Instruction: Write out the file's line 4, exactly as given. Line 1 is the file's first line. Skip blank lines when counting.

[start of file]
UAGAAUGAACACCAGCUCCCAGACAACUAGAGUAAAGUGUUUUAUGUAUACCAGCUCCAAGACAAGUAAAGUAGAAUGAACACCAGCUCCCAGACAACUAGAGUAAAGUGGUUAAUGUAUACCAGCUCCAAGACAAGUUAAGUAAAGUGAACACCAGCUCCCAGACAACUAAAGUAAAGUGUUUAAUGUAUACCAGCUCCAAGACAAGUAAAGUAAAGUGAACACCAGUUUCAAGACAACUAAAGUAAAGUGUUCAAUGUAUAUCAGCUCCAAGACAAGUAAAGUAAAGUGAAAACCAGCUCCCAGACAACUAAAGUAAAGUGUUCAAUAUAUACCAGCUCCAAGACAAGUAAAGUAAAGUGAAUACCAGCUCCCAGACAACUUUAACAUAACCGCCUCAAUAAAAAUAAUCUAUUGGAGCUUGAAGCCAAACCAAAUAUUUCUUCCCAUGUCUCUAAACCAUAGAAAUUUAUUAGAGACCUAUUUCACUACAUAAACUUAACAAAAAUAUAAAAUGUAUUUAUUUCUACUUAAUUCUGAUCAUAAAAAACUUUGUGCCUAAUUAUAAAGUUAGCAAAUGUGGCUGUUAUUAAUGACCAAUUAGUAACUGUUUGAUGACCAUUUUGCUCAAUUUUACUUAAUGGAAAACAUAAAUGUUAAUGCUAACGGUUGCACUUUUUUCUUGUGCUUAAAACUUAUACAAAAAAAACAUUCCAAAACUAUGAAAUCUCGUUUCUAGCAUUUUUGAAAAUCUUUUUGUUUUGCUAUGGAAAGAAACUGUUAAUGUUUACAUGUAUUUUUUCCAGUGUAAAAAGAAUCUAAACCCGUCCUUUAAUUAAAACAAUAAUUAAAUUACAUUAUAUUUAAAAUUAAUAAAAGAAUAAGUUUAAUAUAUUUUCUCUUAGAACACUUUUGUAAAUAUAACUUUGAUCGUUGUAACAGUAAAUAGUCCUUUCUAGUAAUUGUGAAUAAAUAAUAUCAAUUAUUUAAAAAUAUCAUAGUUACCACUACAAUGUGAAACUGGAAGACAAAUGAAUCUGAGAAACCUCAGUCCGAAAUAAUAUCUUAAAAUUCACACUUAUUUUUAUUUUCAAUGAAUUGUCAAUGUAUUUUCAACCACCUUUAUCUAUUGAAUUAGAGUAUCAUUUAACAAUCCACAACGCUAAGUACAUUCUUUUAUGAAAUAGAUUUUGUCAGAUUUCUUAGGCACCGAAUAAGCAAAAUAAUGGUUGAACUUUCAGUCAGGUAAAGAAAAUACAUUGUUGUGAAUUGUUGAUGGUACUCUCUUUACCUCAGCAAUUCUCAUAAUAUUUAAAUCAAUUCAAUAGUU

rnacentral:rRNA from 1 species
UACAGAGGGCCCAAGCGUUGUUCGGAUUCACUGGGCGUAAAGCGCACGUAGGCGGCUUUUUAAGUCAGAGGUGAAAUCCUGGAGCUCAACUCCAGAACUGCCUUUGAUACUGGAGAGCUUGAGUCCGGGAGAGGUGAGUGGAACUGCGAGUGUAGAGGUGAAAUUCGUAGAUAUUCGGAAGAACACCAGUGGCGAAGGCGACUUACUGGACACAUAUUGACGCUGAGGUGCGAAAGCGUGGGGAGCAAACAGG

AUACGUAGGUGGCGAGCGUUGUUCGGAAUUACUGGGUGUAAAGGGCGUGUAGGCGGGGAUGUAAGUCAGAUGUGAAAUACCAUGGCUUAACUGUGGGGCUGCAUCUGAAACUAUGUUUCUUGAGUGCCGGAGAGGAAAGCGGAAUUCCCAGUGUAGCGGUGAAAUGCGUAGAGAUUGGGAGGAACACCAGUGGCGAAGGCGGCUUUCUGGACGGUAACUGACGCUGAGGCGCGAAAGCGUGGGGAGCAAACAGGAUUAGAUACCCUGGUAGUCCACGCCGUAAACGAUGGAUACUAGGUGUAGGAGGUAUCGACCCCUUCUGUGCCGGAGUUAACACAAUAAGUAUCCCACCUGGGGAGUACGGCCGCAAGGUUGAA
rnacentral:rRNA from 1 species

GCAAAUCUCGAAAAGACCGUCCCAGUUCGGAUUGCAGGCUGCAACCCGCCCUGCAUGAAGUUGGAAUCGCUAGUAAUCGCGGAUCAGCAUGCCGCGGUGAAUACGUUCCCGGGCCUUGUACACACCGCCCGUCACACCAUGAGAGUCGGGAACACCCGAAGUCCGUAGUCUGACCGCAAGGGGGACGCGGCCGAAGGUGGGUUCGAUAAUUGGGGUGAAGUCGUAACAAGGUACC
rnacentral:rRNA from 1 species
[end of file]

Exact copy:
AUACGUAGGUGGCGAGCGUUGUUCGGAAUUACUGGGUGUAAAGGGCGUGUAGGCGGGGAUGUAAGUCAGAUGUGAAAUACCAUGGCUUAACUGUGGGGCUGCAUCUGAAACUAUGUUUCUUGAGUGCCGGAGAGGAAAGCGGAAUUCCCAGUGUAGCGGUGAAAUGCGUAGAGAUUGGGAGGAACACCAGUGGCGAAGGCGGCUUUCUGGACGGUAACUGACGCUGAGGCGCGAAAGCGUGGGGAGCAAACAGGAUUAGAUACCCUGGUAGUCCACGCCGUAAACGAUGGAUACUAGGUGUAGGAGGUAUCGACCCCUUCUGUGCCGGAGUUAACACAAUAAGUAUCCCACCUGGGGAGUACGGCCGCAAGGUUGAA